What if I returned my ballot but I want to change my vote?
This can happen to some voters who cast their ballot early, especially if new information about a candidate comes out late in the campaign. As long as your ballot has not been counted yet, you can still vote in person on Election Day at your polling place or before Election Day at your early voting center. Each mail-in ballot has its own ID number that will be invalidated if you submit a new ballot by voting in person, so you won't be voting twice.
How secure is the mail-in voting process?
Simon said there are many layers of security around the mail-in balloting process, including the fact that voters must include their Social Security or ID information to order an absentee ballot. That ballot will only be counted if it's returned with the same information.
I like voting in person, but I want to cast my ballot early. Where do I go?
You can vote early at your local elections office. Each county has an election office, and depending on where you live, there may be more than one place to vote early. Some cities have their own early vote locations as well. Contact your local officials to find out where to vote.
Are early voting locations open after work hours?
Early voting locations are open during their normal business hours in the 46 days before Election Day, but many offer extended hours closer to the election, including the last Saturday before Aug. 9.
Do I need to be registered to vote early in person?
You can register in person at your early voting location if you bring proof of residence.
I live in Minnesota's First Congressional District. What do I need to know about the primary?
The death of First District Rep. Jim Hagedorn in February set in motion a complicated series of elections to replace him for the remainder of his current term — which ends in January — and for the new two-year term that starts next year.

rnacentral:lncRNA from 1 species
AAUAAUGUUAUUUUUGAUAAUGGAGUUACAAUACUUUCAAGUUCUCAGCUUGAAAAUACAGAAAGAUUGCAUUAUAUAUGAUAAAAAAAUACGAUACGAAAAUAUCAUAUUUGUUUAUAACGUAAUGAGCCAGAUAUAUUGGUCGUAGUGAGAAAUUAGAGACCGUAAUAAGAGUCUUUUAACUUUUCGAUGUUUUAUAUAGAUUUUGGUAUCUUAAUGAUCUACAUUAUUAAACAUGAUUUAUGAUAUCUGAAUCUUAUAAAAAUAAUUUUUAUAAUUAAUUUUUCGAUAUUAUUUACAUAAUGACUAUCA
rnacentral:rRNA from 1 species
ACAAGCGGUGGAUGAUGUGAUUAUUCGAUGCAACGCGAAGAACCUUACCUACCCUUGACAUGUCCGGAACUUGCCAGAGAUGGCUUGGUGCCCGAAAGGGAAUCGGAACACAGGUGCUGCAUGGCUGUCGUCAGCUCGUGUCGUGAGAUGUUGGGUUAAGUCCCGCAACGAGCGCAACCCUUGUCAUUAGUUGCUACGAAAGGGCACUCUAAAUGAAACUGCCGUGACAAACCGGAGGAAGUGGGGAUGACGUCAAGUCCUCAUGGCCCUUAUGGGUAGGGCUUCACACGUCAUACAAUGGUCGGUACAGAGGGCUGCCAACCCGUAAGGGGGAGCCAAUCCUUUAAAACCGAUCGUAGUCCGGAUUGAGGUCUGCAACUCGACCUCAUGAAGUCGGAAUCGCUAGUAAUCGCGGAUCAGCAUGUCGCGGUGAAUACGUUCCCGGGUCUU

Voters have already narrowed down a long list of Republican and Democratic candidates in a special primary election in May for the race to fill the remainder of Hagedorn's term in Congress. But the winners from each party — Republican Brad Finstad, Democrat Jeff Ettinger and two pro-marijuana legalization party candidates — must now face off in a special general election, which is being held on the same day as the statewide Aug. 9 primary. Yes, that's right — two First District elections on the same day.
The candidates running for the special election to fill out Hagedorn's current term in Congress also want to continue serving the newly drawn district after January, so they've filed to run in the regular primary election as well. Early voting in both elections starts on Friday.
Here's what your ballot will look like: you can vote for one of the two Republican candidates or three DFL candidates vying for the primary on the first side of the ballot, and on the other side, you'll see the special election choices.
"If you're in [the First District] there are two different elections happening," said Simon. "Voters who think they're seeing double — who think, wait a minute, didn't I see these same folks on the same ballot for the same office? Yes, you did."